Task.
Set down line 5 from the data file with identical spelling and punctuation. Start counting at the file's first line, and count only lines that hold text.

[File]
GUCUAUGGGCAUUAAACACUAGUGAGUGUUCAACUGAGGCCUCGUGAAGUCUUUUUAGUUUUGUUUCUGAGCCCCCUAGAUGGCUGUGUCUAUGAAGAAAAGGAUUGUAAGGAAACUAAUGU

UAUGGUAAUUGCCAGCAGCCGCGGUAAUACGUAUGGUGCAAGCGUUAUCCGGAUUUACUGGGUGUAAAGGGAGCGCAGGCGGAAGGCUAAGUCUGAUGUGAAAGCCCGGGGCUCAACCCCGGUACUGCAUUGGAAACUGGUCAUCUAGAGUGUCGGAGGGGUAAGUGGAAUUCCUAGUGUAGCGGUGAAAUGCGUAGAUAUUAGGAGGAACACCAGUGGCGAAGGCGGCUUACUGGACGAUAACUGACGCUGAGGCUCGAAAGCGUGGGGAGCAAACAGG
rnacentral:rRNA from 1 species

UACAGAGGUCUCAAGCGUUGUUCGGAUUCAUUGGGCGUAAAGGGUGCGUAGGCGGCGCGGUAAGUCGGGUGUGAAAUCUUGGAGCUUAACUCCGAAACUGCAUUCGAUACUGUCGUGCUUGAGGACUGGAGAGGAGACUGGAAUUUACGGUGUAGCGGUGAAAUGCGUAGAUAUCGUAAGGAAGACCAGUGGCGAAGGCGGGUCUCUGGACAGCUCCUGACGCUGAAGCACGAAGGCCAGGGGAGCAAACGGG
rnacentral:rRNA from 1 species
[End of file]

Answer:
rnacentral:rRNA from 1 species